With the rapid spread of Omicron variants worldwide, and the hope of a rapid end to the pandemic gradually disappearing in the rearview mirror, so does our hope for a rapid end to the widespread shortage of chip supply.Intel CEO Pat Gelsinger in Nikkei Asia Interview Said that he does not want the continued chip shortage to ease before 2023. Plans for your new gaming device may have to be postponed for a longer period of time.
Gelsinger’s comments were made during his business trip to Southeast Asia, when Intel announced a 7.1B investment to expand its manufacturing in Malaysia. He mocked Intel’s plans to make more investments and said: “I hope to announce our next major US site and our next major European site in the near future.” It’s great to see that all major semiconductor manufacturers will Part of the huge profits is used for investment, so the world has some buffer to prevent future supply shocks.
The problem is that these facilities did not emerge overnight. Gelsinger himself stated that it will take at least three years for the additional manufacturing capacity to produce results. Intel’s previously announced extension In the United States, Israel and Ireland are still a long way from starting production.
In the past few months, the CEOs of several large technology companies have issued statements predicting that supply will improve or even exceed demand in 2022, but with the rapid spread of Omicron variants, it feels like they are resetting expectations. There is a feeling of two steps forward and backward. This is not just a pandemic.There are the US-China trade war, the concerns of Taiwan, Russia and Ukraine, protectionism and Even the weather, Such as the situation that affected Texas in early 2021.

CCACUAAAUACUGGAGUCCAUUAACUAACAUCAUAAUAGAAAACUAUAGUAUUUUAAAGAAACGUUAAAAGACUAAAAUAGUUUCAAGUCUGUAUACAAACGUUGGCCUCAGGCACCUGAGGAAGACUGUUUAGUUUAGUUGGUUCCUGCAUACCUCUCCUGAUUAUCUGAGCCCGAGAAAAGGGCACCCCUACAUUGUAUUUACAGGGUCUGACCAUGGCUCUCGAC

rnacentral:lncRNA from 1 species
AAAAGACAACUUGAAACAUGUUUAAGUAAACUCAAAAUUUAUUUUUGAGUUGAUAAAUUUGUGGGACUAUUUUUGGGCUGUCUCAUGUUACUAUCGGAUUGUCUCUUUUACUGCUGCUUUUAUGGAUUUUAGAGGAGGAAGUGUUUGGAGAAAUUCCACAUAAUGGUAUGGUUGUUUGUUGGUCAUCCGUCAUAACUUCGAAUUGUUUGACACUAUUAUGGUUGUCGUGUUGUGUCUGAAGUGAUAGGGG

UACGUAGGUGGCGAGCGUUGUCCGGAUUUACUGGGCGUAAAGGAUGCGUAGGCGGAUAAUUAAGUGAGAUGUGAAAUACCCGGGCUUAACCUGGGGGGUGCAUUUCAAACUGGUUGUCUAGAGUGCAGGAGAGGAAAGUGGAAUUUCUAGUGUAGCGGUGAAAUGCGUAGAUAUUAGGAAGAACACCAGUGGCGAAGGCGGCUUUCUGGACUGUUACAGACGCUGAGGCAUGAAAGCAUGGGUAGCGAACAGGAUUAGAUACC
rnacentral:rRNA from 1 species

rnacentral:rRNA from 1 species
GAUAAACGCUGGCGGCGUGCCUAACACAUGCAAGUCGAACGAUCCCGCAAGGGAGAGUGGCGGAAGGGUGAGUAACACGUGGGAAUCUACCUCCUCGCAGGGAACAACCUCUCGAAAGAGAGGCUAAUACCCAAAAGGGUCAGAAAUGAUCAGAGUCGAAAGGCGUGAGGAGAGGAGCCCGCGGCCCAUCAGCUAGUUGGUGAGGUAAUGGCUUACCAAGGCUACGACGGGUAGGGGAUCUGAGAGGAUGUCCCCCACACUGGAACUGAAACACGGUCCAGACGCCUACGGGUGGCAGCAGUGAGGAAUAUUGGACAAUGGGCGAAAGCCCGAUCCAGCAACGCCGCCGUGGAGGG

But this is not all doom and gloom. Part of the reason for the disruption of the global supply chain is strict lockdown and preventive isolation, and it is becoming increasingly impossible for governments to implement these measures on a large scale. Keeping the factory running is obviously vital to the global supply chain. Malaysia’s Senior Minister of International Trade and Industry Mohamed Azmin Ali said: “I have assured Pat (Geersing) that there will be no more blockades, only targeted blockades.” This seems to be a trend. , Especially because it looks more and more like Covid-19 will become endemic.
Still, sadly, it seems that returning to normal in 2022 seems increasingly unrealistic. The console continued to disappear as soon as it was launched, DDR5 memory was almost unavailable, and the GPU story would not disappear. The GPU issue is both a demand issue and a supply issue. In this regard, as we get closer and closer to the Ethereum plan to shift to the proof-of-stake consensus mechanism, mining demand has begun to decline, and the situation should improve.
The investment that started the pandemic will gradually begin to bear fruit in 2022 and 2023. Let us hope that PC gamers have a happier holiday in 2022. It is not impossible to build a new gaming equipment now, but it is still much more expensive than it should be.